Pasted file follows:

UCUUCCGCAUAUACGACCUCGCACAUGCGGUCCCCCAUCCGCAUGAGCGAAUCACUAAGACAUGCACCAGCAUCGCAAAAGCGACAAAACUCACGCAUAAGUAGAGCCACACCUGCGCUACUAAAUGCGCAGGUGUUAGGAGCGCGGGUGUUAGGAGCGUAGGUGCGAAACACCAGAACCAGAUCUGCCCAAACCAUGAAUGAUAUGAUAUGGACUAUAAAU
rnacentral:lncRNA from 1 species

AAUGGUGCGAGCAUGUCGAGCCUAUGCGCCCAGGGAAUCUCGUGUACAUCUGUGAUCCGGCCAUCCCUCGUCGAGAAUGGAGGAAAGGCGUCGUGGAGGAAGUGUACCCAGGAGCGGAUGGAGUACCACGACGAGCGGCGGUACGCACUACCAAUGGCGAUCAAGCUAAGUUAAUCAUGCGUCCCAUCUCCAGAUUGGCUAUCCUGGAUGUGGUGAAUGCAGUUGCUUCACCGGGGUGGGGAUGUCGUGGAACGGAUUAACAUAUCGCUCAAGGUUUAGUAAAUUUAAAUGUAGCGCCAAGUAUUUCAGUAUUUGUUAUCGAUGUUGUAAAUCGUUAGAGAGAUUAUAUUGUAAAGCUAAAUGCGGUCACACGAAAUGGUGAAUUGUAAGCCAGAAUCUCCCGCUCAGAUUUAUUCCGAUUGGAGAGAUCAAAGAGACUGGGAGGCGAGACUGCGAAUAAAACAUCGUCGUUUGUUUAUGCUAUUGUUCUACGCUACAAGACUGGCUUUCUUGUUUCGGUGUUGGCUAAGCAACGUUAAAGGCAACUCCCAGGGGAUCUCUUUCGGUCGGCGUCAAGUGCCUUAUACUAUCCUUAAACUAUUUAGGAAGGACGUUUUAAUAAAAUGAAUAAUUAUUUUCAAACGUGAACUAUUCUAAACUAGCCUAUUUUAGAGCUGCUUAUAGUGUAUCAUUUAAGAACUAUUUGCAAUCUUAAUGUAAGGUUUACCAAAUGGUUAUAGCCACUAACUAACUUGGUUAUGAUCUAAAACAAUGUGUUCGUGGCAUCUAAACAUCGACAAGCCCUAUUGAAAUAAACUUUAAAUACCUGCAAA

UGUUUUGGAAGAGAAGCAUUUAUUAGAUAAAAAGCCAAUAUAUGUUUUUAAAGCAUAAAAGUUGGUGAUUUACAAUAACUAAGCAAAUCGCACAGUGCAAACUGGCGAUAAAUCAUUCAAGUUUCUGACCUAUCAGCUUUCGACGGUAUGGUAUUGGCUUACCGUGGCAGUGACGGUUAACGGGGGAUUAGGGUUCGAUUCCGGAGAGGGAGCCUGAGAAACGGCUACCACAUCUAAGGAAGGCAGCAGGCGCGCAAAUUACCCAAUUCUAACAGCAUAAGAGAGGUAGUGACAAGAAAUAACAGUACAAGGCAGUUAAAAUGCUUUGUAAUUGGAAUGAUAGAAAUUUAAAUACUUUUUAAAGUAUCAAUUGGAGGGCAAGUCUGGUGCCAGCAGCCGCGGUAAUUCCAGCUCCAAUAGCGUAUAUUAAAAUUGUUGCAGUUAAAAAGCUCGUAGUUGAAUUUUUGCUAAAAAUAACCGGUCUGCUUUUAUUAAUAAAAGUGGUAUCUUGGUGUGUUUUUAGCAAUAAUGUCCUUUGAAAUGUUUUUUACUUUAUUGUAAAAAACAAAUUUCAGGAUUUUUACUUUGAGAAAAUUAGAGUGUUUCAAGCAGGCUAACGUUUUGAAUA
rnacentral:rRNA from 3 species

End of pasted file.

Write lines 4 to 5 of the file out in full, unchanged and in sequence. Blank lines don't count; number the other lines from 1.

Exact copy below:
UGUUUUGGAAGAGAAGCAUUUAUUAGAUAAAAAGCCAAUAUAUGUUUUUAAAGCAUAAAAGUUGGUGAUUUACAAUAACUAAGCAAAUCGCACAGUGCAAACUGGCGAUAAAUCAUUCAAGUUUCUGACCUAUCAGCUUUCGACGGUAUGGUAUUGGCUUACCGUGGCAGUGACGGUUAACGGGGGAUUAGGGUUCGAUUCCGGAGAGGGAGCCUGAGAAACGGCUACCACAUCUAAGGAAGGCAGCAGGCGCGCAAAUUACCCAAUUCUAACAGCAUAAGAGAGGUAGUGACAAGAAAUAACAGUACAAGGCAGUUAAAAUGCUUUGUAAUUGGAAUGAUAGAAAUUUAAAUACUUUUUAAAGUAUCAAUUGGAGGGCAAGUCUGGUGCCAGCAGCCGCGGUAAUUCCAGCUCCAAUAGCGUAUAUUAAAAUUGUUGCAGUUAAAAAGCUCGUAGUUGAAUUUUUGCUAAAAAUAACCGGUCUGCUUUUAUUAAUAAAAGUGGUAUCUUGGUGUGUUUUUAGCAAUAAUGUCCUUUGAAAUGUUUUUUACUUUAUUGUAAAAAACAAAUUUCAGGAUUUUUACUUUGAGAAAAUUAGAGUGUUUCAAGCAGGCUAACGUUUUGAAUA
rnacentral:rRNA from 3 species